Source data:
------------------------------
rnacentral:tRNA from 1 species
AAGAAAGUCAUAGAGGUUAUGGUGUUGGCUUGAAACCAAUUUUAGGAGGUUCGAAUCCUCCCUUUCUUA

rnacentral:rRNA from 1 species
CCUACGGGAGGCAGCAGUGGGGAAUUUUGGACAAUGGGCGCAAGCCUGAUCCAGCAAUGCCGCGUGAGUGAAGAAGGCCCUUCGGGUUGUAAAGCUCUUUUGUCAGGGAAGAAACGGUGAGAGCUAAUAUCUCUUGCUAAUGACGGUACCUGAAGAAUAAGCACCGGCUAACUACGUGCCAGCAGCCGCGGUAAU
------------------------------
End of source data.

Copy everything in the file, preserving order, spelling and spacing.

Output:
rnacentral:tRNA from 1 species
AAGAAAGUCAUAGAGGUUAUGGUGUUGGCUUGAAACCAAUUUUAGGAGGUUCGAAUCCUCCCUUUCUUA

rnacentral:rRNA from 1 species
CCUACGGGAGGCAGCAGUGGGGAAUUUUGGACAAUGGGCGCAAGCCUGAUCCAGCAAUGCCGCGUGAGUGAAGAAGGCCCUUCGGGUUGUAAAGCUCUUUUGUCAGGGAAGAAACGGUGAGAGCUAAUAUCUCUUGCUAAUGACGGUACCUGAAGAAUAAGCACCGGCUAACUACGUGCCAGCAGCCGCGGUAAU